In most cases, unmarried couples, acquaintances, and family members often use a co-signer to purchase a home. That’s to show how relevant it is.
Below are some relevant frequently asked questions which relate to how to buy a house with low income.
Can the Government Assist Me in Purchasing a Home?
The government can assist you in purchasing a home in various ways. Applying for down payment assistance – a grant or low-interest loan to help you make a down payment – is perhaps the most direct way to seek support.
A government-backed mortgage, such as the FHA or USDA, can also be used to purchase a home. The government effectively insures the loan through these programs, allowing you to buy with a smaller income, credit score, or down payment.
How Can I Buy a House if I Don’t Have Any Proof of Income?
Initially, without proof of income, it was difficult to purchase a home. You need to prove that you can repay the debt in some way.
However, stated income loans have modern alternatives. Instead of W2 tax forms, you can provide “proof of income” through bank statements, assets, or retirement funds (the traditional method). A bank statement loan is an excellent alternative for many people who want to buy a house without proof of income these days.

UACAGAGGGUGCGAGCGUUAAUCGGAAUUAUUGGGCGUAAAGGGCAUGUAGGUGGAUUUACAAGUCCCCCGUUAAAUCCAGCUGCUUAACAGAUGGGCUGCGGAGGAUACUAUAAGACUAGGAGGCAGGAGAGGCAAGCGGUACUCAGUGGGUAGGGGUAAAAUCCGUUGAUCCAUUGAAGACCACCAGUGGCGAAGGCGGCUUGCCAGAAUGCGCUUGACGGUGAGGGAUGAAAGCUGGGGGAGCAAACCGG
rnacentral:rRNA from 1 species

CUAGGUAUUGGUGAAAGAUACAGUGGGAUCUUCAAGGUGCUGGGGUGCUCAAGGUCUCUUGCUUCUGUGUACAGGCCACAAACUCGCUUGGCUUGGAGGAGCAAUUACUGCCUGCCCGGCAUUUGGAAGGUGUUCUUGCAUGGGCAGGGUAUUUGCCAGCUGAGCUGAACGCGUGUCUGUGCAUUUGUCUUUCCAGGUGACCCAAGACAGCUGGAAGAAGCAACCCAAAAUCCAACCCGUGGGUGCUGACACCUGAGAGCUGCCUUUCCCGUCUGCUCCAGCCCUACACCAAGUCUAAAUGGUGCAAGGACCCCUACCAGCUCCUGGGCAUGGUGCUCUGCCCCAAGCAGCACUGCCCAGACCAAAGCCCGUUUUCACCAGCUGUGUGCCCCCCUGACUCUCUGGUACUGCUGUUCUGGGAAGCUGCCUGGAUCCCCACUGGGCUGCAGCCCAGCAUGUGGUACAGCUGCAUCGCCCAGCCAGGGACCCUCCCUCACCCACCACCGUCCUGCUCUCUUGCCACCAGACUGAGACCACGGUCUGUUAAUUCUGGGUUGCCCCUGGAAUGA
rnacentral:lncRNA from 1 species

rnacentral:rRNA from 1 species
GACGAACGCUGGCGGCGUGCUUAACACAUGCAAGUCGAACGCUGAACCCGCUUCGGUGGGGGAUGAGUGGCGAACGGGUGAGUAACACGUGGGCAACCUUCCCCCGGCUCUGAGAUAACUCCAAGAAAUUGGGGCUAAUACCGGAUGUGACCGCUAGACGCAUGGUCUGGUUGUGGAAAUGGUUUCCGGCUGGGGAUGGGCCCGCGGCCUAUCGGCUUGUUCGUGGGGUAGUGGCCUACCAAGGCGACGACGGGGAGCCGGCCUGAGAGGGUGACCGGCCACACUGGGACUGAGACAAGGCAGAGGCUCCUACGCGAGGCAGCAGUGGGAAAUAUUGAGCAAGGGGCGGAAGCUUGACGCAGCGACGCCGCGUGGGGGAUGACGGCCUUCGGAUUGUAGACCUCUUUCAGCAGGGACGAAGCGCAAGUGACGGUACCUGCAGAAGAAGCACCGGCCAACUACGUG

Is It Possible to Get a Grant to Help Me Buy a House?
Yes, you can get a grant referred to as the ‘down payment assistance grants’, to help you purchase a home”.
They won’t cover the entire mortgage, but they can help with the down payment to make it more reasonable. If you have a low to moderate-income and live in a “target region,” you’ll most likely qualify for a home-buying grant.
What Are the Current Low-Income Homebuyer Mortgage Rates?
The good news is that many low-income mortgage programs have lower interest rates than conventional loans. Due to that, you might be able to get a good offer.
Even government-backed loan rates, on the other hand, aren’t set by the government. Ultimately, make inquiries from a couple of mortgage lenders before deciding on the best deal.
That wraps it up on how to buy a house with low income in 2022. Now that you’re aware of these homeownership programs, consult your real estate agent or the local housing authority about the ones that may apply to you. If your income and credit meet the program’s requirements, you stand a chance of buying a home with very little money as a down payment.